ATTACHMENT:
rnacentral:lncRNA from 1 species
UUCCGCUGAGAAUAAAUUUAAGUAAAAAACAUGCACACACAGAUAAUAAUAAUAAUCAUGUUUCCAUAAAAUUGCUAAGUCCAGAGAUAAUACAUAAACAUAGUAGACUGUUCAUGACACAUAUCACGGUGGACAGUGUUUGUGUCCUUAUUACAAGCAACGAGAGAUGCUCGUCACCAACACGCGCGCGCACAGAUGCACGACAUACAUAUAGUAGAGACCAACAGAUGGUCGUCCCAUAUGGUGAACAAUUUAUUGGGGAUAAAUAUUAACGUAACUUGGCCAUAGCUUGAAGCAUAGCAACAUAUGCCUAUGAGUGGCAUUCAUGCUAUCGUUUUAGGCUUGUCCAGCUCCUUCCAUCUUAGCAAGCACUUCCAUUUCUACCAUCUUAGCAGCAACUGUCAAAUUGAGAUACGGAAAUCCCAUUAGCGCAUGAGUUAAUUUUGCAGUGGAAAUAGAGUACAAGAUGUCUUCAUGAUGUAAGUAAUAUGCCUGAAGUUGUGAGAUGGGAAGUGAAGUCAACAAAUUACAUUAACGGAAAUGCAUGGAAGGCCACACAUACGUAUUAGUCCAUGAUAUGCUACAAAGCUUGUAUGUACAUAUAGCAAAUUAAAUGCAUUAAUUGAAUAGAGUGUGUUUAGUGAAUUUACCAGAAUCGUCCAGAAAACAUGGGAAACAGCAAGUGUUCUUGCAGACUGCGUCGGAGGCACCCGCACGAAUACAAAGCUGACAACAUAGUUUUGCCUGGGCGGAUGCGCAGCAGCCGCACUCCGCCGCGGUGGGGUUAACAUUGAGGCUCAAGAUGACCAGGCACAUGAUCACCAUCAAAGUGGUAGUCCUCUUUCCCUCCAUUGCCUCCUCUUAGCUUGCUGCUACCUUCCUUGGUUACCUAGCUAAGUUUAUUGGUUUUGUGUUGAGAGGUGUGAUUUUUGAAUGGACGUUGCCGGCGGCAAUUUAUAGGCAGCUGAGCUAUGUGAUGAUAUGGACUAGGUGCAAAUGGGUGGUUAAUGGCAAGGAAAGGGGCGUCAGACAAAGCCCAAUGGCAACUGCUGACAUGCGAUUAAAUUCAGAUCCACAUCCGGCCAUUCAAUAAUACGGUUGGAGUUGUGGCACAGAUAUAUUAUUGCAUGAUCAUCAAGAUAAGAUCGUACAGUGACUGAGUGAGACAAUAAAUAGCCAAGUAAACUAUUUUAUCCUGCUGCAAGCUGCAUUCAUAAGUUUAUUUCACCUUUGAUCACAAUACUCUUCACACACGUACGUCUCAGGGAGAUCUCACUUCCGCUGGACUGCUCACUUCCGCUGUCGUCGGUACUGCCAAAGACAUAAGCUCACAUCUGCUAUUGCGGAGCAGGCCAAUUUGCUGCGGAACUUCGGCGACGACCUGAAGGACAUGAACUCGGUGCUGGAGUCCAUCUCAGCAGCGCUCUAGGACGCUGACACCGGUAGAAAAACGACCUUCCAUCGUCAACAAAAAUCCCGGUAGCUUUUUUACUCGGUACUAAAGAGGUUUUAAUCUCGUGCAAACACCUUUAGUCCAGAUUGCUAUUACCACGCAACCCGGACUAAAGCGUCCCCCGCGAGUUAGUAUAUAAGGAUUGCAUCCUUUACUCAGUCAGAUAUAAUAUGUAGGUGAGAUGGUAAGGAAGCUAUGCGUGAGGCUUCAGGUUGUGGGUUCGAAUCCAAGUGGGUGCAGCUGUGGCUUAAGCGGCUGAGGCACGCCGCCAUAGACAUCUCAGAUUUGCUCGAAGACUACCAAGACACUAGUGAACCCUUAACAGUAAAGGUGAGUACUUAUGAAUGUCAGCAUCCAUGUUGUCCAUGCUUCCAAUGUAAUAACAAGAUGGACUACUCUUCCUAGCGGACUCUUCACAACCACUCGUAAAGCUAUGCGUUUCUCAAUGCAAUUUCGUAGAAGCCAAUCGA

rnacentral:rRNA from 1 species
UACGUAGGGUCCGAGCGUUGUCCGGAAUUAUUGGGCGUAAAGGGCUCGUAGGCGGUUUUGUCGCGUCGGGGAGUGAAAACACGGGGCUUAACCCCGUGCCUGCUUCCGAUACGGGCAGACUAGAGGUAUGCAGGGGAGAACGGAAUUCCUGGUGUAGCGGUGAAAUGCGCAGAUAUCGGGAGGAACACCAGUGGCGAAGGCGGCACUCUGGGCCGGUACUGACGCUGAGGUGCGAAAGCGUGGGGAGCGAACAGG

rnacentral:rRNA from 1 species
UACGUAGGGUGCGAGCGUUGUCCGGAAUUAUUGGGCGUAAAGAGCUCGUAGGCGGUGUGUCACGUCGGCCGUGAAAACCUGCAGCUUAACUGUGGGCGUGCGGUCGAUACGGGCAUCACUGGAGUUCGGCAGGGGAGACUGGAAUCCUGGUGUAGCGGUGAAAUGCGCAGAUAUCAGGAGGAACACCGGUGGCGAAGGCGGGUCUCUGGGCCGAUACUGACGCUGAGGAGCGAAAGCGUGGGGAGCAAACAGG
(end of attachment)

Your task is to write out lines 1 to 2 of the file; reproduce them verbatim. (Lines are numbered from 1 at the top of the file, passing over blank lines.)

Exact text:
rnacentral:lncRNA from 1 species
UUCCGCUGAGAAUAAAUUUAAGUAAAAAACAUGCACACACAGAUAAUAAUAAUAAUCAUGUUUCCAUAAAAUUGCUAAGUCCAGAGAUAAUACAUAAACAUAGUAGACUGUUCAUGACACAUAUCACGGUGGACAGUGUUUGUGUCCUUAUUACAAGCAACGAGAGAUGCUCGUCACCAACACGCGCGCGCACAGAUGCACGACAUACAUAUAGUAGAGACCAACAGAUGGUCGUCCCAUAUGGUGAACAAUUUAUUGGGGAUAAAUAUUAACGUAACUUGGCCAUAGCUUGAAGCAUAGCAACAUAUGCCUAUGAGUGGCAUUCAUGCUAUCGUUUUAGGCUUGUCCAGCUCCUUCCAUCUUAGCAAGCACUUCCAUUUCUACCAUCUUAGCAGCAACUGUCAAAUUGAGAUACGGAAAUCCCAUUAGCGCAUGAGUUAAUUUUGCAGUGGAAAUAGAGUACAAGAUGUCUUCAUGAUGUAAGUAAUAUGCCUGAAGUUGUGAGAUGGGAAGUGAAGUCAACAAAUUACAUUAACGGAAAUGCAUGGAAGGCCACACAUACGUAUUAGUCCAUGAUAUGCUACAAAGCUUGUAUGUACAUAUAGCAAAUUAAAUGCAUUAAUUGAAUAGAGUGUGUUUAGUGAAUUUACCAGAAUCGUCCAGAAAACAUGGGAAACAGCAAGUGUUCUUGCAGACUGCGUCGGAGGCACCCGCACGAAUACAAAGCUGACAACAUAGUUUUGCCUGGGCGGAUGCGCAGCAGCCGCACUCCGCCGCGGUGGGGUUAACAUUGAGGCUCAAGAUGACCAGGCACAUGAUCACCAUCAAAGUGGUAGUCCUCUUUCCCUCCAUUGCCUCCUCUUAGCUUGCUGCUACCUUCCUUGGUUACCUAGCUAAGUUUAUUGGUUUUGUGUUGAGAGGUGUGAUUUUUGAAUGGACGUUGCCGGCGGCAAUUUAUAGGCAGCUGAGCUAUGUGAUGAUAUGGACUAGGUGCAAAUGGGUGGUUAAUGGCAAGGAAAGGGGCGUCAGACAAAGCCCAAUGGCAACUGCUGACAUGCGAUUAAAUUCAGAUCCACAUCCGGCCAUUCAAUAAUACGGUUGGAGUUGUGGCACAGAUAUAUUAUUGCAUGAUCAUCAAGAUAAGAUCGUACAGUGACUGAGUGAGACAAUAAAUAGCCAAGUAAACUAUUUUAUCCUGCUGCAAGCUGCAUUCAUAAGUUUAUUUCACCUUUGAUCACAAUACUCUUCACACACGUACGUCUCAGGGAGAUCUCACUUCCGCUGGACUGCUCACUUCCGCUGUCGUCGGUACUGCCAAAGACAUAAGCUCACAUCUGCUAUUGCGGAGCAGGCCAAUUUGCUGCGGAACUUCGGCGACGACCUGAAGGACAUGAACUCGGUGCUGGAGUCCAUCUCAGCAGCGCUCUAGGACGCUGACACCGGUAGAAAAACGACCUUCCAUCGUCAACAAAAAUCCCGGUAGCUUUUUUACUCGGUACUAAAGAGGUUUUAAUCUCGUGCAAACACCUUUAGUCCAGAUUGCUAUUACCACGCAACCCGGACUAAAGCGUCCCCCGCGAGUUAGUAUAUAAGGAUUGCAUCCUUUACUCAGUCAGAUAUAAUAUGUAGGUGAGAUGGUAAGGAAGCUAUGCGUGAGGCUUCAGGUUGUGGGUUCGAAUCCAAGUGGGUGCAGCUGUGGCUUAAGCGGCUGAGGCACGCCGCCAUAGACAUCUCAGAUUUGCUCGAAGACUACCAAGACACUAGUGAACCCUUAACAGUAAAGGUGAGUACUUAUGAAUGUCAGCAUCCAUGUUGUCCAUGCUUCCAAUGUAAUAACAAGAUGGACUACUCUUCCUAGCGGACUCUUCACAACCACUCGUAAAGCUAUGCGUUUCUCAAUGCAAUUUCGUAGAAGCCAAUCGA